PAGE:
All Aboard for Block Island | TRAVEL
by Theta Pavis
Photos courtesy of Block Island Tourism Council
Spend enough summers on the East Coast and you will hear all about the glory of places such as Martha’s Vineyard, Nantucket and Fire Island. But Block Island is a different story. Although it’s easy to get to, it attracts far less attention than these more famous outposts. People who love it wouldn’t want it any other way.
More peaceful and less populated, Block Island is in Rhode Island, but you can get there easily via a high-speed ferry from Montauk (about an hour’s trip). There is also a car ferry, but you must make a reservation and leave from Rhode Island.
I first heard about Block Island from a friend whose family went every summer. He would get a faraway look in his eyes whenever he talked about it. They loved the natural beauty and the compactness of the island, which was great for hiking and fishing or just exploring via bike. Another friend used to go there on his father’s boat—anchoring in the Old Harbor and then strolling over to the west side of the island to New Harbor, in the Great Salt Pond, for dinner.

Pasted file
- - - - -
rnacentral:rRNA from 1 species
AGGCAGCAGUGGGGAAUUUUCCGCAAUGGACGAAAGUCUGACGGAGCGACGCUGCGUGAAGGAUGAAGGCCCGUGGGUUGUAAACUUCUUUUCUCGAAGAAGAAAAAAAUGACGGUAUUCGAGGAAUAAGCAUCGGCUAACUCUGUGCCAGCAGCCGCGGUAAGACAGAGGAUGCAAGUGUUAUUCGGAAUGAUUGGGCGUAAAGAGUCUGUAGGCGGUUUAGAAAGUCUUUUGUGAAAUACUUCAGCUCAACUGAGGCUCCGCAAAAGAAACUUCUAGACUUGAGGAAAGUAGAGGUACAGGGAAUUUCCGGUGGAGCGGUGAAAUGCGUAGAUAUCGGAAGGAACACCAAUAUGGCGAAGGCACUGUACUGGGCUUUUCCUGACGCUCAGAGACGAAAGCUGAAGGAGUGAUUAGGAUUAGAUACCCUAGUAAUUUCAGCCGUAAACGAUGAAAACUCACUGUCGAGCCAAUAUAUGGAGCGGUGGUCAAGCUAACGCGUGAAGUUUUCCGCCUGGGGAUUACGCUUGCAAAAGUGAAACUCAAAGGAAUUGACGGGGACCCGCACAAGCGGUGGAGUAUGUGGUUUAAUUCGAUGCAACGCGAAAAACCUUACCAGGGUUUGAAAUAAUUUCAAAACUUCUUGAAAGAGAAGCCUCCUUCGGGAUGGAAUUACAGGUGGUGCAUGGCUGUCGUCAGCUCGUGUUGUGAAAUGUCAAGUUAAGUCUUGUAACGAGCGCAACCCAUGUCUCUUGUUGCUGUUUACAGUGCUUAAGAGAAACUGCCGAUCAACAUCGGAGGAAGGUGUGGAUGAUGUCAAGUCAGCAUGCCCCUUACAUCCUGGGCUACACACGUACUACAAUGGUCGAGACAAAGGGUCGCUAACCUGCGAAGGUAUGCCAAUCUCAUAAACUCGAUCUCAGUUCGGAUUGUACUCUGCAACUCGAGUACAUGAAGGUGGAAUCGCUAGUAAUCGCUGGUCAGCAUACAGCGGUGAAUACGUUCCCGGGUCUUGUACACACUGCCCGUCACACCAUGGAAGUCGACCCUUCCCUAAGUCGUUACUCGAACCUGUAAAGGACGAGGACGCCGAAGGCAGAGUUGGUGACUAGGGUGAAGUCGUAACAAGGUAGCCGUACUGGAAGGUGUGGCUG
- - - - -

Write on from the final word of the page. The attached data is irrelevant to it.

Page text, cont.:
However you get there, and whether you’re ambitious enough for an all-day hike, kayaking in the Great Salt Pond or just sitting one of the wide beaches, Block Island seems to offer an awful lot.
When I finally got ready to go, my friends both recommended having a drink at The Oar (especially noted for the view from its outdoor bar). The downtown area has shops and restaurants right on the harbor. Not to be missed was Crescent Beach (within walking distance from the ferry landing). Also on my must-do list: the dramatic Mohegan Bluffs, which are 200-feet-high clay cliffs and the Southeast Light—a museum celebrating the old seafaring days. There are many hotels and inns, as well as smaller B & B spots. A few places are even dog friendly.